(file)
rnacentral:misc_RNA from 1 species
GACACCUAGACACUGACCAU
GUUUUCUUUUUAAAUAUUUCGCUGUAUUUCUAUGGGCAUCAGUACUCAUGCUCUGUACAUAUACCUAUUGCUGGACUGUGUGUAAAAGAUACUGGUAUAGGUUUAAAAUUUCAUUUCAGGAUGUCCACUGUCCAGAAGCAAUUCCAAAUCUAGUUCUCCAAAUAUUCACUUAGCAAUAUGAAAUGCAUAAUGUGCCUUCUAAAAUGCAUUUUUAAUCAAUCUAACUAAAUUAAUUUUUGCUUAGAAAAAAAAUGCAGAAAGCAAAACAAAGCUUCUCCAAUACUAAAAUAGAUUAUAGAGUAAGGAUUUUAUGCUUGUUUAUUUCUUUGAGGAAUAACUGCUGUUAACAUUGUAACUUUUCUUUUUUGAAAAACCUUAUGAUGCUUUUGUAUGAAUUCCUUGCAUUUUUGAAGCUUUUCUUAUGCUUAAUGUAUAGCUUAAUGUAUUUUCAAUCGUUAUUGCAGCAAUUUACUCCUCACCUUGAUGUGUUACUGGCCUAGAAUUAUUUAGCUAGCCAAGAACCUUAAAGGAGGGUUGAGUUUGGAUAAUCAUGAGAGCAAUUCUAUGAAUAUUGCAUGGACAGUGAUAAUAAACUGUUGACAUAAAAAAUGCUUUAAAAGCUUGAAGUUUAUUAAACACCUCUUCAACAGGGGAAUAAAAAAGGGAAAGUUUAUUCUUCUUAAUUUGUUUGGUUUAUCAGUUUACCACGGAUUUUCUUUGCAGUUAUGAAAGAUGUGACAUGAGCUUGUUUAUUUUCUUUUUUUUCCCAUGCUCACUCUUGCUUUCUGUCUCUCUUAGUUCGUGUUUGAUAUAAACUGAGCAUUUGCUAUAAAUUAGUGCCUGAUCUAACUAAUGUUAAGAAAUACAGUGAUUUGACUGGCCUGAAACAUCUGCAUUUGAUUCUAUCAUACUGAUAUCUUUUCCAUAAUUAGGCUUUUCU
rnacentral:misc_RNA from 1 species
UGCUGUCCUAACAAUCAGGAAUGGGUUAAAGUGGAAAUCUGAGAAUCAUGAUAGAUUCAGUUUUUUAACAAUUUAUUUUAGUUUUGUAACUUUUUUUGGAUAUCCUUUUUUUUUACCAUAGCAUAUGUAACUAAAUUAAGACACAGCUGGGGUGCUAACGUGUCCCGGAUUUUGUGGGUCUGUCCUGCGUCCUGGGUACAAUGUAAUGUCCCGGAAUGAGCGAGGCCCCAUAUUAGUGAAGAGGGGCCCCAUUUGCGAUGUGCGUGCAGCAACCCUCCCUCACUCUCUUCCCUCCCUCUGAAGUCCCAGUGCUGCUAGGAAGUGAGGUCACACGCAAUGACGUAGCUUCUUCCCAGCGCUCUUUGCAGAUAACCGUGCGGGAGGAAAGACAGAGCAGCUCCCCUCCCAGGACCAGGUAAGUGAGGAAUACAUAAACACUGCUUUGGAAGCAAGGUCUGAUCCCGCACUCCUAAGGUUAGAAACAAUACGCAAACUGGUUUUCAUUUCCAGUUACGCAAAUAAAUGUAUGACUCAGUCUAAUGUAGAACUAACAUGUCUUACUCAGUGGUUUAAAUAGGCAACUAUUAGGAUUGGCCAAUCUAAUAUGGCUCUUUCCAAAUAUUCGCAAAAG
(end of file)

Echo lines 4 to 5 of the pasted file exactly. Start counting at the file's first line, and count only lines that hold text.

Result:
rnacentral:misc_RNA from 1 species
UGCUGUCCUAACAAUCAGGAAUGGGUUAAAGUGGAAAUCUGAGAAUCAUGAUAGAUUCAGUUUUUUAACAAUUUAUUUUAGUUUUGUAACUUUUUUUGGAUAUCCUUUUUUUUUACCAUAGCAUAUGUAACUAAAUUAAGACACAGCUGGGGUGCUAACGUGUCCCGGAUUUUGUGGGUCUGUCCUGCGUCCUGGGUACAAUGUAAUGUCCCGGAAUGAGCGAGGCCCCAUAUUAGUGAAGAGGGGCCCCAUUUGCGAUGUGCGUGCAGCAACCCUCCCUCACUCUCUUCCCUCCCUCUGAAGUCCCAGUGCUGCUAGGAAGUGAGGUCACACGCAAUGACGUAGCUUCUUCCCAGCGCUCUUUGCAGAUAACCGUGCGGGAGGAAAGACAGAGCAGCUCCCCUCCCAGGACCAGGUAAGUGAGGAAUACAUAAACACUGCUUUGGAAGCAAGGUCUGAUCCCGCACUCCUAAGGUUAGAAACAAUACGCAAACUGGUUUUCAUUUCCAGUUACGCAAAUAAAUGUAUGACUCAGUCUAAUGUAGAACUAACAUGUCUUACUCAGUGGUUUAAAUAGGCAACUAUUAGGAUUGGCCAAUCUAAUAUGGCUCUUUCCAAAUAUUCGCAAAAG